Lighting Out for the Territory: How Samuel Clemens Headed West and Became Mark Twain by Roy Morris, Jr.

Library Journal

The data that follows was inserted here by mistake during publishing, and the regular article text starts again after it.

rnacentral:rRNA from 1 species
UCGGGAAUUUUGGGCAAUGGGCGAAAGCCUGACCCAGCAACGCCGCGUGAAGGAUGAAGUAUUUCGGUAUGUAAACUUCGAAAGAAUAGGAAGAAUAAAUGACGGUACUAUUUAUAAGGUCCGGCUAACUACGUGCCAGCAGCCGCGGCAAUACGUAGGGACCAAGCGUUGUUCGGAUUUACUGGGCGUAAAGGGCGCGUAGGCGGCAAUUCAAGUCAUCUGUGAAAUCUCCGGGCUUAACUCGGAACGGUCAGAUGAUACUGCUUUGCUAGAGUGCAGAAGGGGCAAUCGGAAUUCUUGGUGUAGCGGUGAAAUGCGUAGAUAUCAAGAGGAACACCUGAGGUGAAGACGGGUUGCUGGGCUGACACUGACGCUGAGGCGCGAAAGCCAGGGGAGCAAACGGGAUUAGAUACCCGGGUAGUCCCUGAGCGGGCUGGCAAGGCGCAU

Samuel Clemens went west in 1861, and Mark Twain returned east six years later with the growing reputation of being a writer who rarely let the facts get in the way of a good story. Using letters, diaries, and reminiscences, Morris, author, journalist, and editor, pieces together the facts to show how an unemployed riverboat pilot became a self-made writer. Morris comments that separating fact from fiction in Twain’s case is more or less a full-time occupation. Morris is the editor of Military Heritage magazine and has served as a consultant for A&E Network and the History Channel. By relying on primary sources, he tracks Clemens’s personal, professional, and artistic transformation. Details include the development of Twain’s style including use of the vernacular, a love of the ridiculous, and a stinging wit to transform true-life situations into some of the most memorable stories of frontier life. Fans of Twain’s writing and academics will enjoy this well-researched biography. VERDICT A noteworthy addition for American literature and biography collections.